August 28, 2008
  81. kiffi summa said:

    Patrick : If you speak with people involved in an event, and then see it confirmed in the newspapers, and then see the buildings involved , and their budgets, and the unfinished streetscape projects, and the city budget, are you going to come to the conclusion that all the people you’ve talked to are lying? and all that you have seen with your own eyes is some sort of delusional mirage?
    Do you believe what you see with your own eyes? Do you call everyone who tells you their experience a liar?

    I am really offended by your comment, Patrick. If that’s how you feel, that nothing is valid but what YOU experience first hand, with YOUR own eyes, and WITHOUT your evaluation of that incident, but just the “recordable” action … then I don’t understand how you function in the world. Have you witnessed , first hand, everything on which you base your knowledge, as a doctor?

    Neither what happened to Luis Navar, nor “the letter”, have any connection to what MAY have happened in NF, or actions that MAY be being investigated in Goodhue county, other than what MAY be repetitive behaviors.

    I am really, truly offended by the fact that you can express an opinion, and I cannot express what I have seen, experienced and read, without you implying that I am a person of bad faith, who is spreading “vague whispers of rumors of terrible deeds”.

    I have done no such thing, and neither has Ross when he began this thread.

    I think an apology is due. Pronto!

    August 28, 2008
  82. Patrick Enders said:

    David L,
    You have an interesting point about the relationship between the Administrator and the public. My experience growing up was with a Council-Manager system in Eau Claire, and I never thought of the Manager as the one who was in charge – that was the Council. The only reasons I gave much thought to the Manager at all were that I was friends with his kids, and because a group of citizens once ran an effort to install a mayoral system in Eau Claire citing, among other things, that we needed “a Christian leader for our Christian city” (apparently, our Manager was Jewish – news to me, and irrelevant at that).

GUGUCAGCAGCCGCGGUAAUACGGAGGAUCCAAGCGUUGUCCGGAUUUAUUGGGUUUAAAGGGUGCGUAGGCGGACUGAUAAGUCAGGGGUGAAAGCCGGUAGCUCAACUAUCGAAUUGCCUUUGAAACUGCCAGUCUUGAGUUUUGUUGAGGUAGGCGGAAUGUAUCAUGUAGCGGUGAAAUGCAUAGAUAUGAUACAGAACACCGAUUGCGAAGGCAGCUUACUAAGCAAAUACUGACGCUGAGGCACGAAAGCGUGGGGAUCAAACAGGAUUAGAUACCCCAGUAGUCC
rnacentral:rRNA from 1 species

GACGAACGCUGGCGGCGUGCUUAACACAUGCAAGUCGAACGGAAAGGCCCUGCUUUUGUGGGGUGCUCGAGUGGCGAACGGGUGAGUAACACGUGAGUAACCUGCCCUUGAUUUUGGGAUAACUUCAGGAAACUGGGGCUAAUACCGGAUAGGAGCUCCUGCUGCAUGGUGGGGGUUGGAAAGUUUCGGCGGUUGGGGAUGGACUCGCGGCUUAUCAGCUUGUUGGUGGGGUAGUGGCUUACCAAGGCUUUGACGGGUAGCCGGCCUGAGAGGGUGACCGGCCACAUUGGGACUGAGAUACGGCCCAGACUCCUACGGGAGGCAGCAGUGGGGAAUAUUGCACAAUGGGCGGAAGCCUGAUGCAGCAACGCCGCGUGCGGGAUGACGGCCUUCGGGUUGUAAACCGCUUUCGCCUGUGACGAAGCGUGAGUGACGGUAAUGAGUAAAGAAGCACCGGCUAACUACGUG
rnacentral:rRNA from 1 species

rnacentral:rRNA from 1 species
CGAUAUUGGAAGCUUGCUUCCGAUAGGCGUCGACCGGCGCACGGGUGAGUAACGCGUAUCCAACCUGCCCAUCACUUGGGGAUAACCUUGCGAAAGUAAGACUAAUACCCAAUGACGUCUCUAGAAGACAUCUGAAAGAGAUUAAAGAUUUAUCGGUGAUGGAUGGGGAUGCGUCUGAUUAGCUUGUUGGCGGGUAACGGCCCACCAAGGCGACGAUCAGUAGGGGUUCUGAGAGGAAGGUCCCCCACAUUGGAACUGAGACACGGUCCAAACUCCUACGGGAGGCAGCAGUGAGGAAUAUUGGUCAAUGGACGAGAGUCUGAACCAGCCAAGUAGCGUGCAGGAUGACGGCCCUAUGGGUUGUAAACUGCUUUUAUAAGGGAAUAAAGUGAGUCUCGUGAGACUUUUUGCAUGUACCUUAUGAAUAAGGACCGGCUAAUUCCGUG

Unfortunately, I have no sense of what Northfield’s Administrator’s role would be during ‘normal’ times – having moved to town in May of 2007. All I have seen has been the chaos in leadership that has resulted from Mayor-Council conflict and Mayor-Administrator conflict. Perhaps after the next election, we can get a more functional leadership arrangement installed in city hall.

    August 28, 2008
  83. Patrick Enders said:

    No. I am saying that I will not be persuaded by your hearsay regarding what you have read, or what you have heard. Post your letter, or post your articles, or get someone with firsthand knowledge of Al Roders’ activities to speak on the subject, and I will be happy to consider your case.

    August 28, 2008
  84. Jerold Friedman said:

    Patrick: I have also heard that the only executed search warrant was for Lansing’s property. This is of course an extremely important fact to remember.

    David L: “Presumed Innocent” is vital for our courts and really any judicial system. As I mentioned the witch hunt, if there was an actual witch hunt underway, I’d be at the front of the pack exclaiming, “Presumed innocent!”